Little Gidding is the tiny collection of farm buildings and a church not too far from Cambridge. It was the location of a small religious community headed by Nicholas Ferrar, who was a friend of the poet George Herbert.
Eliot made a pilgrimage to the church and wrote his famous poem–the last of his Four Quartets.
Here are the final lines.
We shall not cease from exploration
And the end of all our exploring
Will be to arrive where we started
And know the place for the first time.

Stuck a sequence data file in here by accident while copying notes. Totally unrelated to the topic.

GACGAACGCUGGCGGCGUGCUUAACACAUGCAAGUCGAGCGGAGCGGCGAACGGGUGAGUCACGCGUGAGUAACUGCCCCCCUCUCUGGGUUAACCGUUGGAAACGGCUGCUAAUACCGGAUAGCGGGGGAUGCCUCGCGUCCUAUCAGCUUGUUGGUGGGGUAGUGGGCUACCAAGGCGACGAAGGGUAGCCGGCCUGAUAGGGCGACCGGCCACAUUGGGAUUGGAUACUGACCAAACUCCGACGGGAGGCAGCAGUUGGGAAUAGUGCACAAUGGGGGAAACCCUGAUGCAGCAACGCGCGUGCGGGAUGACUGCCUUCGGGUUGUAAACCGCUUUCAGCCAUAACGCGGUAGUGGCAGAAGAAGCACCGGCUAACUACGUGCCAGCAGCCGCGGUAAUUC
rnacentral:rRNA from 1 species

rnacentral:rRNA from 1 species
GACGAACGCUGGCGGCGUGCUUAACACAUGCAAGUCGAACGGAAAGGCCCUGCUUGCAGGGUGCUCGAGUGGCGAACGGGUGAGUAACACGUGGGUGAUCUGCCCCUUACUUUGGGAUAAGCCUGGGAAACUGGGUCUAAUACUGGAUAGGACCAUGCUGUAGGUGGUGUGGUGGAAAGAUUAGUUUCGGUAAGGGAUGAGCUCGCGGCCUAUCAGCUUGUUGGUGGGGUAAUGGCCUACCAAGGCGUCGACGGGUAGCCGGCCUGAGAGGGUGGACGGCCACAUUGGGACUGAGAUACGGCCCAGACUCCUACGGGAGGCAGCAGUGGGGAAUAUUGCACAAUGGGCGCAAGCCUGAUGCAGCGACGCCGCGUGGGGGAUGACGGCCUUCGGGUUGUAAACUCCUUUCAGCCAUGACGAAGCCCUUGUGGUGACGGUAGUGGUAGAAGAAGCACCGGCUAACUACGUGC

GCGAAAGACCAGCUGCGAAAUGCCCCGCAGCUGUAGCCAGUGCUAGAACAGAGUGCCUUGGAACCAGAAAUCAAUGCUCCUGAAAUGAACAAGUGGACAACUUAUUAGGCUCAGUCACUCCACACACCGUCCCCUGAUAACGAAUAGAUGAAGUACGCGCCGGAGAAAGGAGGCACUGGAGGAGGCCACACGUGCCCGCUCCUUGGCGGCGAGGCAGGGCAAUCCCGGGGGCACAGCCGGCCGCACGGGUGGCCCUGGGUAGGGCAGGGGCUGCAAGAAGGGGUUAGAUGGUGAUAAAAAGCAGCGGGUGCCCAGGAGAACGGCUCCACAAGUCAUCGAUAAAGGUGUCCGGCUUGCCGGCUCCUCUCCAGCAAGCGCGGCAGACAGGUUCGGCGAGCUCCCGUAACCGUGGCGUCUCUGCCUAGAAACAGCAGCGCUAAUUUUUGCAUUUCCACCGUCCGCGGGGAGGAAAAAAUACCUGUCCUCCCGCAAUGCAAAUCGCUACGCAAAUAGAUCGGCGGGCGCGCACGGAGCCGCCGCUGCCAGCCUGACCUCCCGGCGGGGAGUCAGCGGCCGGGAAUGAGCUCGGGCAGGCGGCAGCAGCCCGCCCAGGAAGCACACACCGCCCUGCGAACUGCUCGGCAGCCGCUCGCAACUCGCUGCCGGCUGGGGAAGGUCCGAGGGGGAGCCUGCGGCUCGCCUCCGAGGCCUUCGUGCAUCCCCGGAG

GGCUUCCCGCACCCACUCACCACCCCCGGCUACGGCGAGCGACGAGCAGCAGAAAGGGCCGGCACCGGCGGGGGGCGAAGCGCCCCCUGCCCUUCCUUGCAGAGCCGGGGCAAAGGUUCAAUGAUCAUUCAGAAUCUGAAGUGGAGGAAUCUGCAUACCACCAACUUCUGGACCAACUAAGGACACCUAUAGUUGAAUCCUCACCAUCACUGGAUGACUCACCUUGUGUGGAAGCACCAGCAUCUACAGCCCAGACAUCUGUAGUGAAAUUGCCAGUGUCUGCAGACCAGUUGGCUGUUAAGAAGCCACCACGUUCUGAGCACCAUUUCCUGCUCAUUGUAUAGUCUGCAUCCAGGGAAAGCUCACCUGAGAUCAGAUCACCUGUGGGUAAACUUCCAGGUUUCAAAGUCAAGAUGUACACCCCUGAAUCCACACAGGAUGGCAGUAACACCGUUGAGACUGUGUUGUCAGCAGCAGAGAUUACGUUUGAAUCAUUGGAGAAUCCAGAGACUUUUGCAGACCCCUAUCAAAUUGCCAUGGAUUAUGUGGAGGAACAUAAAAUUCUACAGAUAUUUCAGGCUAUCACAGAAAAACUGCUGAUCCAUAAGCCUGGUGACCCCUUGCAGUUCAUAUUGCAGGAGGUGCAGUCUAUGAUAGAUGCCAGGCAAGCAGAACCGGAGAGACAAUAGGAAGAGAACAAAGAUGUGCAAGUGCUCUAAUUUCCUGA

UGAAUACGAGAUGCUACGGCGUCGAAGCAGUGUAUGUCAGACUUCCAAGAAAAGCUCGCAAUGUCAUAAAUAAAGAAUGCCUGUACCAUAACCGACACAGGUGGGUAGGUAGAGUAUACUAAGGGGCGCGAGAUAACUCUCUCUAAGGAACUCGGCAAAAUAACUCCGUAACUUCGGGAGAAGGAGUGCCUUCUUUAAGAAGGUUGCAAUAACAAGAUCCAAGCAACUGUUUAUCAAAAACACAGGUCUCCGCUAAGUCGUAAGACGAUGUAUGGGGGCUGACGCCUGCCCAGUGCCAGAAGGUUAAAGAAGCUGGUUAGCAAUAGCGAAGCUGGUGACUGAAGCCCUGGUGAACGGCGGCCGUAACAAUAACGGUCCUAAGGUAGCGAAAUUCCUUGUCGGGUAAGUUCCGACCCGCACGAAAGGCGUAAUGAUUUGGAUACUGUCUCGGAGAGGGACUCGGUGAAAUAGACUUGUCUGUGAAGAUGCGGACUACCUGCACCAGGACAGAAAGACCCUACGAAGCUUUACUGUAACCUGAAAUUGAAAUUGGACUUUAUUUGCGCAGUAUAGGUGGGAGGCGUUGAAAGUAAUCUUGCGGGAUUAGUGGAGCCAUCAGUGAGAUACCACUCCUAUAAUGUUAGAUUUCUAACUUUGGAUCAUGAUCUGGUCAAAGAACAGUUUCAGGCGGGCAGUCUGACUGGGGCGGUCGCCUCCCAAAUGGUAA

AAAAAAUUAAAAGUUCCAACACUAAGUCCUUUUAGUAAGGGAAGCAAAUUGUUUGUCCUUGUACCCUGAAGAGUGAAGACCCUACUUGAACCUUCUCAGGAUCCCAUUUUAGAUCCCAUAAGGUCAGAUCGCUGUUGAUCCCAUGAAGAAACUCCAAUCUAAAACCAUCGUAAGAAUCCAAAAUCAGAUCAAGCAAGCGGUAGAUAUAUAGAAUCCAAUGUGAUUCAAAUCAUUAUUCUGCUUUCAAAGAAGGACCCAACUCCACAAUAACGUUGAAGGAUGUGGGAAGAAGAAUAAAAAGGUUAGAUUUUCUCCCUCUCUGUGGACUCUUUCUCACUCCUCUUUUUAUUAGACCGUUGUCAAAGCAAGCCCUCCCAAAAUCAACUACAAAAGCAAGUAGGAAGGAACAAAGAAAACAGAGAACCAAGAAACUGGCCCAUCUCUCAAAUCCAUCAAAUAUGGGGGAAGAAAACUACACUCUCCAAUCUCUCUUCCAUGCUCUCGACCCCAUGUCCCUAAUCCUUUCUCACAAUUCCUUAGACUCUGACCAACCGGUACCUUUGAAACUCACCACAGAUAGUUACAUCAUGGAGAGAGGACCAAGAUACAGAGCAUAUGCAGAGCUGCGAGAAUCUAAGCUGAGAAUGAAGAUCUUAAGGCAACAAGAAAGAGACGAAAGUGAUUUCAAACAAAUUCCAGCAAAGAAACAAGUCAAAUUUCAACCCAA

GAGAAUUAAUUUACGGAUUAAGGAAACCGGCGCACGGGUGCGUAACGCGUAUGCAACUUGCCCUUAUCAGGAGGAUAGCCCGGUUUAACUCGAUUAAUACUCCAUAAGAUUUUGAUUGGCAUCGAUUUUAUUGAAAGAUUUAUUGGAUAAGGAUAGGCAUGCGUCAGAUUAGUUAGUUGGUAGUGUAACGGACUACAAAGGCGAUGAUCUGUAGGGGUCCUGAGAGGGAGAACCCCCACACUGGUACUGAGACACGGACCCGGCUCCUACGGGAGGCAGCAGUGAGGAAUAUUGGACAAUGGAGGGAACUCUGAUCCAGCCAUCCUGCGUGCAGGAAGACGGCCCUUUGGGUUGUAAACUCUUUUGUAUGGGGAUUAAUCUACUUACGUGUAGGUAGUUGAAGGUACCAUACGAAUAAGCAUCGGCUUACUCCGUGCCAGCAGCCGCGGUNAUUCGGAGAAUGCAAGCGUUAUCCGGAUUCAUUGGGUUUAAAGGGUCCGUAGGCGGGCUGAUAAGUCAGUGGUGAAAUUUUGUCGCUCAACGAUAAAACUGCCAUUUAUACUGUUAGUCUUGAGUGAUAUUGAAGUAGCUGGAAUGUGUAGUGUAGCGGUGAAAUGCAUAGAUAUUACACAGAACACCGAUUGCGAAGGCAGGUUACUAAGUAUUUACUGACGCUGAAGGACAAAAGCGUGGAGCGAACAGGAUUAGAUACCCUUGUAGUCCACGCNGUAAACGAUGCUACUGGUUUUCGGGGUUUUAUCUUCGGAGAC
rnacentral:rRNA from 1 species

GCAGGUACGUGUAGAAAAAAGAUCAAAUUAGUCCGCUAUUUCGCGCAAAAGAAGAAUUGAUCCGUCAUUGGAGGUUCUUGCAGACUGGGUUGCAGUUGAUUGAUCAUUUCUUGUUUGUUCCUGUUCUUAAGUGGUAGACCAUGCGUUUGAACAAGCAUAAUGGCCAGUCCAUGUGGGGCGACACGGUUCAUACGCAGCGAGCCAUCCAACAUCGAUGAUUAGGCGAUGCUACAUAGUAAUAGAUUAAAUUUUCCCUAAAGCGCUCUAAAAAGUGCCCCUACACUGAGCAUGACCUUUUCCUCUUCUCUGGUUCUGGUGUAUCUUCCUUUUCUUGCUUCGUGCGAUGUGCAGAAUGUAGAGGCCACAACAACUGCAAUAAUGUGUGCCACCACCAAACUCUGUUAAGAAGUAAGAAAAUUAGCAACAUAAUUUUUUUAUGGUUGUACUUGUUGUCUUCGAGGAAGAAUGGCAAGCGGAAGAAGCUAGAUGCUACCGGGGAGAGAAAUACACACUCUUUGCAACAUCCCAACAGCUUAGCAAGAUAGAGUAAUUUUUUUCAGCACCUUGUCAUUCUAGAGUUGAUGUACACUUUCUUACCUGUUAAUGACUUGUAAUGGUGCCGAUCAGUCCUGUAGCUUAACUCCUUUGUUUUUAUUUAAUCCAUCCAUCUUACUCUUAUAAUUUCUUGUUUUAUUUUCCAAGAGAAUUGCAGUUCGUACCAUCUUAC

Through the unknown, remembered gate
When the last of earth left to discover
Is that which was the beginning;
At the source of the longest river
The voice of the hidden waterfall
And the children in the apple-tree
Not known, because not looked for
But heard, half-heard, in the stillness
Between two waves of the sea.
Quick now, here, now, always—
A condition of complete simplicity
(Costing not less than everything)
And all shall be well and
All manner of thing shall be well
When the tongues of flame are in-folded
Into the crowned knot of fire
And the fire and the rose are one.
-T.S.Eliot – Four Quartets